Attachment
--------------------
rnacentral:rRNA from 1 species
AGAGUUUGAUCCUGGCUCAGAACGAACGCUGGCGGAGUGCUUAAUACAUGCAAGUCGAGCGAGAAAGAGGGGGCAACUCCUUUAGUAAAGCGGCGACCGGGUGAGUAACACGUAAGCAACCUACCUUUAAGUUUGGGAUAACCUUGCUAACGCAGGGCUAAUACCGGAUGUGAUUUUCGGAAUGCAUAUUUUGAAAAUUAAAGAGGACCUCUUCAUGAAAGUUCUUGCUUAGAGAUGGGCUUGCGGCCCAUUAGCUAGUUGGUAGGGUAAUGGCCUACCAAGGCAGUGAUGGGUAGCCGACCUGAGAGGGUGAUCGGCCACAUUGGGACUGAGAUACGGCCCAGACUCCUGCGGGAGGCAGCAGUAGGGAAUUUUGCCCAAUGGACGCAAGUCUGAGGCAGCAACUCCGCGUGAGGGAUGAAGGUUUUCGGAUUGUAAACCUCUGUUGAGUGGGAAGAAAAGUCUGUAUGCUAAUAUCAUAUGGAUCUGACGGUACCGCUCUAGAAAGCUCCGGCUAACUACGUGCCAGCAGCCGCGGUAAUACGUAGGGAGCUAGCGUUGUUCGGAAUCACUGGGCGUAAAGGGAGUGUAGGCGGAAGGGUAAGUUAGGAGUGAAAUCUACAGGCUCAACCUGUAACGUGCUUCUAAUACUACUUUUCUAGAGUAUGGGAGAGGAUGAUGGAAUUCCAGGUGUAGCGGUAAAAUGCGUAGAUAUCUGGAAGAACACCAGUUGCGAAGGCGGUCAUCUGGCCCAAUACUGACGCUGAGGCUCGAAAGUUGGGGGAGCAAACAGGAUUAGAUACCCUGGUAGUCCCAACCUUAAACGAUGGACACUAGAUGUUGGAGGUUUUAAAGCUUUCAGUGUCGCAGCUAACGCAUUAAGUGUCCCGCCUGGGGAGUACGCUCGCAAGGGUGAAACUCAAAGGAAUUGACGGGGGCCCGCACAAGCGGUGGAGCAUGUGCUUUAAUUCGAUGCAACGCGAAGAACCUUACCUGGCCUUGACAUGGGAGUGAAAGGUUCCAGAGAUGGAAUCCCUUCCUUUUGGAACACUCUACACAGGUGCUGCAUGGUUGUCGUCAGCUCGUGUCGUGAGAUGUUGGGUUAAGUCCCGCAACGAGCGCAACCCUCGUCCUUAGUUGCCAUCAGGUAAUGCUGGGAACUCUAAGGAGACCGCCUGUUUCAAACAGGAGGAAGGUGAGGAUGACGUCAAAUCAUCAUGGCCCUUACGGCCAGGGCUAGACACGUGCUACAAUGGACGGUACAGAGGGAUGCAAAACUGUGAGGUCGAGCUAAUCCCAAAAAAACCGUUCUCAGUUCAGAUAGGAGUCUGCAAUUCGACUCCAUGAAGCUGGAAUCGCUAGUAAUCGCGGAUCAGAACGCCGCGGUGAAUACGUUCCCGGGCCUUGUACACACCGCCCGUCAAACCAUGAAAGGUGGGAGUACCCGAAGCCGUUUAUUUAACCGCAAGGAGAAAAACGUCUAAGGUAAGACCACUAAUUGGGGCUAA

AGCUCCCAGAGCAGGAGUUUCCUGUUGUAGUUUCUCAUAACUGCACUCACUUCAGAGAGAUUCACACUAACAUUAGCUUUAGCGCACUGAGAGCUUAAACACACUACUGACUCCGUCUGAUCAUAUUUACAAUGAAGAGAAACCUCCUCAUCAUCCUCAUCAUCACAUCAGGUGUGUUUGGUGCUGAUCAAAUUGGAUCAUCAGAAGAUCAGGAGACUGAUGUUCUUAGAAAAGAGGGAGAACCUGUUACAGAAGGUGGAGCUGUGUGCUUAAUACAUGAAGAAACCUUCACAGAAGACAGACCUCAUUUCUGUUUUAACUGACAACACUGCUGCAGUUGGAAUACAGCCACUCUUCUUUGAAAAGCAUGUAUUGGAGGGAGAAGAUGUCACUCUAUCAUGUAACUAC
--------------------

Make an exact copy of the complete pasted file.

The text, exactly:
rnacentral:rRNA from 1 species
AGAGUUUGAUCCUGGCUCAGAACGAACGCUGGCGGAGUGCUUAAUACAUGCAAGUCGAGCGAGAAAGAGGGGGCAACUCCUUUAGUAAAGCGGCGACCGGGUGAGUAACACGUAAGCAACCUACCUUUAAGUUUGGGAUAACCUUGCUAACGCAGGGCUAAUACCGGAUGUGAUUUUCGGAAUGCAUAUUUUGAAAAUUAAAGAGGACCUCUUCAUGAAAGUUCUUGCUUAGAGAUGGGCUUGCGGCCCAUUAGCUAGUUGGUAGGGUAAUGGCCUACCAAGGCAGUGAUGGGUAGCCGACCUGAGAGGGUGAUCGGCCACAUUGGGACUGAGAUACGGCCCAGACUCCUGCGGGAGGCAGCAGUAGGGAAUUUUGCCCAAUGGACGCAAGUCUGAGGCAGCAACUCCGCGUGAGGGAUGAAGGUUUUCGGAUUGUAAACCUCUGUUGAGUGGGAAGAAAAGUCUGUAUGCUAAUAUCAUAUGGAUCUGACGGUACCGCUCUAGAAAGCUCCGGCUAACUACGUGCCAGCAGCCGCGGUAAUACGUAGGGAGCUAGCGUUGUUCGGAAUCACUGGGCGUAAAGGGAGUGUAGGCGGAAGGGUAAGUUAGGAGUGAAAUCUACAGGCUCAACCUGUAACGUGCUUCUAAUACUACUUUUCUAGAGUAUGGGAGAGGAUGAUGGAAUUCCAGGUGUAGCGGUAAAAUGCGUAGAUAUCUGGAAGAACACCAGUUGCGAAGGCGGUCAUCUGGCCCAAUACUGACGCUGAGGCUCGAAAGUUGGGGGAGCAAACAGGAUUAGAUACCCUGGUAGUCCCAACCUUAAACGAUGGACACUAGAUGUUGGAGGUUUUAAAGCUUUCAGUGUCGCAGCUAACGCAUUAAGUGUCCCGCCUGGGGAGUACGCUCGCAAGGGUGAAACUCAAAGGAAUUGACGGGGGCCCGCACAAGCGGUGGAGCAUGUGCUUUAAUUCGAUGCAACGCGAAGAACCUUACCUGGCCUUGACAUGGGAGUGAAAGGUUCCAGAGAUGGAAUCCCUUCCUUUUGGAACACUCUACACAGGUGCUGCAUGGUUGUCGUCAGCUCGUGUCGUGAGAUGUUGGGUUAAGUCCCGCAACGAGCGCAACCCUCGUCCUUAGUUGCCAUCAGGUAAUGCUGGGAACUCUAAGGAGACCGCCUGUUUCAAACAGGAGGAAGGUGAGGAUGACGUCAAAUCAUCAUGGCCCUUACGGCCAGGGCUAGACACGUGCUACAAUGGACGGUACAGAGGGAUGCAAAACUGUGAGGUCGAGCUAAUCCCAAAAAAACCGUUCUCAGUUCAGAUAGGAGUCUGCAAUUCGACUCCAUGAAGCUGGAAUCGCUAGUAAUCGCGGAUCAGAACGCCGCGGUGAAUACGUUCCCGGGCCUUGUACACACCGCCCGUCAAACCAUGAAAGGUGGGAGUACCCGAAGCCGUUUAUUUAACCGCAAGGAGAAAAACGUCUAAGGUAAGACCACUAAUUGGGGCUAA

AGCUCCCAGAGCAGGAGUUUCCUGUUGUAGUUUCUCAUAACUGCACUCACUUCAGAGAGAUUCACACUAACAUUAGCUUUAGCGCACUGAGAGCUUAAACACACUACUGACUCCGUCUGAUCAUAUUUACAAUGAAGAGAAACCUCCUCAUCAUCCUCAUCAUCACAUCAGGUGUGUUUGGUGCUGAUCAAAUUGGAUCAUCAGAAGAUCAGGAGACUGAUGUUCUUAGAAAAGAGGGAGAACCUGUUACAGAAGGUGGAGCUGUGUGCUUAAUACAUGAAGAAACCUUCACAGAAGACAGACCUCAUUUCUGUUUUAACUGACAACACUGCUGCAGUUGGAAUACAGCCACUCUUCUUUGAAAAGCAUGUAUUGGAGGGAGAAGAUGUCACUCUAUCAUGUAACUAC